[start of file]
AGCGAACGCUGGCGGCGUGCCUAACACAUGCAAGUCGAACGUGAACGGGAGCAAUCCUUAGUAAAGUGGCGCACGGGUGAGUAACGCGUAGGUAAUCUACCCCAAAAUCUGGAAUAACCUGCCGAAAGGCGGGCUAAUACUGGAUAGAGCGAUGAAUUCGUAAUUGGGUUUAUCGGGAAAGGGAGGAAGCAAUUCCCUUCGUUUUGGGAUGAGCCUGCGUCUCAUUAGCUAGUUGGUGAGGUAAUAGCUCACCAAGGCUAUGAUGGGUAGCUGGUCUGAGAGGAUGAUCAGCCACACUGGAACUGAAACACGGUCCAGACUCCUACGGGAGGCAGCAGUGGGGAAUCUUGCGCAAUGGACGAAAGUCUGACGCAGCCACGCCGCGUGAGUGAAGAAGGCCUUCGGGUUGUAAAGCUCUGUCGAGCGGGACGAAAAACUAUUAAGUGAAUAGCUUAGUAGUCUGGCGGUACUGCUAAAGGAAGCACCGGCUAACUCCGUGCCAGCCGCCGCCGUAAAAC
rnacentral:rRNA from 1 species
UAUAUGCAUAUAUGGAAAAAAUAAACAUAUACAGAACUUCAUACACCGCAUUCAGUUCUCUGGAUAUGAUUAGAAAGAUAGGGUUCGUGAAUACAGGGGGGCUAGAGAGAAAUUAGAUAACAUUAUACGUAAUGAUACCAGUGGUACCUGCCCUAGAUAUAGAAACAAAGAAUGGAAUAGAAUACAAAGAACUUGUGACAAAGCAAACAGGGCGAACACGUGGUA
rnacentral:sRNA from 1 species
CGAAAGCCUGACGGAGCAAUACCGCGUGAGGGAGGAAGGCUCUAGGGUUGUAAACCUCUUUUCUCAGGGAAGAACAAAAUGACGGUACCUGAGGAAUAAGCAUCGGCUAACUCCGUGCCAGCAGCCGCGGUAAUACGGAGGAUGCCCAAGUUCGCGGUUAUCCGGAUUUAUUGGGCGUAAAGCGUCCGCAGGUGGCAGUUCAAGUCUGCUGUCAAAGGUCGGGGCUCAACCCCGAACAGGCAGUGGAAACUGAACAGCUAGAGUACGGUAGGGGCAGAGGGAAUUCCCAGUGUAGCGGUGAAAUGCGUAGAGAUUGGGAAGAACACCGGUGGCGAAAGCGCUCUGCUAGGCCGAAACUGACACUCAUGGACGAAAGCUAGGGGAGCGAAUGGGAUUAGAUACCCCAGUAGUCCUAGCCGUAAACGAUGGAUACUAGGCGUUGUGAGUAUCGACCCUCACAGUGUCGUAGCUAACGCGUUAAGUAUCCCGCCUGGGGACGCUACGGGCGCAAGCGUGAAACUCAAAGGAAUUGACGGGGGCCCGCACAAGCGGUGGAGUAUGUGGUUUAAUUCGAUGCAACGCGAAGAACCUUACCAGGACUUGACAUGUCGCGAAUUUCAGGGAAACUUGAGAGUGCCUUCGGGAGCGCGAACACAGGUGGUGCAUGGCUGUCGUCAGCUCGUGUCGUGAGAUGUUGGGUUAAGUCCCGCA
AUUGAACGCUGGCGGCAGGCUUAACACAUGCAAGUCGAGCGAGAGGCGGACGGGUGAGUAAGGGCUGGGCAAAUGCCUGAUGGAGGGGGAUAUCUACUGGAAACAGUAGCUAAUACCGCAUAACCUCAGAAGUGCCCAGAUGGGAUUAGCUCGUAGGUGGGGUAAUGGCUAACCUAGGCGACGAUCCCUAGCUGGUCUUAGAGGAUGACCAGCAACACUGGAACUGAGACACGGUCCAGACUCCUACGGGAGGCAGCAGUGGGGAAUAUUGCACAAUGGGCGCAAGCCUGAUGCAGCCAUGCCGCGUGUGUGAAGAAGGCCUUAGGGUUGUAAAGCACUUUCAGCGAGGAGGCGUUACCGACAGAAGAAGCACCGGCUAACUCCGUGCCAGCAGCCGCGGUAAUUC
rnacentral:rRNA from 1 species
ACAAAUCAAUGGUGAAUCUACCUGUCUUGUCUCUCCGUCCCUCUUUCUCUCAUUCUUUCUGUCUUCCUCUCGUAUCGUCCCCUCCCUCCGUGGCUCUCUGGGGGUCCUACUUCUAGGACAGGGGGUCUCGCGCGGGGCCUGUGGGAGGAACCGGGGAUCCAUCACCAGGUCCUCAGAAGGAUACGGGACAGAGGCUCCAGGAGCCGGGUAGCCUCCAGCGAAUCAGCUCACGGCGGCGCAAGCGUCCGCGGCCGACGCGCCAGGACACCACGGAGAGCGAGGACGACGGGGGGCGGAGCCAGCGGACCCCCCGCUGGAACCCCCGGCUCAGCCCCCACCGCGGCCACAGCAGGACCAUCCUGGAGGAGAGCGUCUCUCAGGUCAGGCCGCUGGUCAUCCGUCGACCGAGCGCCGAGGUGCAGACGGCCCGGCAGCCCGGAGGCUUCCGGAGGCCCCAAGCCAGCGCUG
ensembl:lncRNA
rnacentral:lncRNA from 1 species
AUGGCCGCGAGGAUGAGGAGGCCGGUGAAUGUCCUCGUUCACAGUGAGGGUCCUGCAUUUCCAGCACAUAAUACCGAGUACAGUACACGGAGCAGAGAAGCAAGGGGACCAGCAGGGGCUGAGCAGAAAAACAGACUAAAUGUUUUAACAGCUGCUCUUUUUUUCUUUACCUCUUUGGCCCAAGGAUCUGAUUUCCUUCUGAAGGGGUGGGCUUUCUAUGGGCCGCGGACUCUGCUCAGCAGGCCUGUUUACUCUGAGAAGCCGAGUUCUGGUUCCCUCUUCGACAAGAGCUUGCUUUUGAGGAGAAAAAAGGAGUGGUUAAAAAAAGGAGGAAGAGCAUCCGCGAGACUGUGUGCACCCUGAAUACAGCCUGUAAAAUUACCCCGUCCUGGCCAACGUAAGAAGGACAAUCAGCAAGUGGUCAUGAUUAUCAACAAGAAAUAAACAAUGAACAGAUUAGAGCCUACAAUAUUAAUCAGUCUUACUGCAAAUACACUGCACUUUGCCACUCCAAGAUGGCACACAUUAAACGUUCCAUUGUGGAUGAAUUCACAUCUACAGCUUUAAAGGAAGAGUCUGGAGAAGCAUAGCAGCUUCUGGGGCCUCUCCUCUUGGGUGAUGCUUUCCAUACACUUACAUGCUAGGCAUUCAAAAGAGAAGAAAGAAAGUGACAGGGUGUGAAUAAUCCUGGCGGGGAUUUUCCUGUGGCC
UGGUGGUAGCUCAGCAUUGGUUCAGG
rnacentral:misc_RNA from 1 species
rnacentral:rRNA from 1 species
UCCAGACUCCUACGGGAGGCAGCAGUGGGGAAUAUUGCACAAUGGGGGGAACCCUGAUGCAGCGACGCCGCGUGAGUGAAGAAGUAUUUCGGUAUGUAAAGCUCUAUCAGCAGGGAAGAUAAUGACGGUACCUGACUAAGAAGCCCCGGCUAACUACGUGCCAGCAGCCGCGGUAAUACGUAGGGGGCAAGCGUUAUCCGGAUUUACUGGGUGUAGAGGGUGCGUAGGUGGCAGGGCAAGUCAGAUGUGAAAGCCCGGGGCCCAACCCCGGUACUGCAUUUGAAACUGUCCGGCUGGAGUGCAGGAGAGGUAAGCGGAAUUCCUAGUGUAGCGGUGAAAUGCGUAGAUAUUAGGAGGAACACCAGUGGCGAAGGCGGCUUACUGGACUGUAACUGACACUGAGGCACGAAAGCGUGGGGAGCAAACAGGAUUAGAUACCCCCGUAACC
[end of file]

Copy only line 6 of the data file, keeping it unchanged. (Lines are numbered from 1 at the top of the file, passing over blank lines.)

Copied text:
AUUGAACGCUGGCGGCAGGCUUAACACAUGCAAGUCGAGCGAGAGGCGGACGGGUGAGUAAGGGCUGGGCAAAUGCCUGAUGGAGGGGGAUAUCUACUGGAAACAGUAGCUAAUACCGCAUAACCUCAGAAGUGCCCAGAUGGGAUUAGCUCGUAGGUGGGGUAAUGGCUAACCUAGGCGACGAUCCCUAGCUGGUCUUAGAGGAUGACCAGCAACACUGGAACUGAGACACGGUCCAGACUCCUACGGGAGGCAGCAGUGGGGAAUAUUGCACAAUGGGCGCAAGCCUGAUGCAGCCAUGCCGCGUGUGUGAAGAAGGCCUUAGGGUUGUAAAGCACUUUCAGCGAGGAGGCGUUACCGACAGAAGAAGCACCGGCUAACUCCGUGCCAGCAGCCGCGGUAAUUC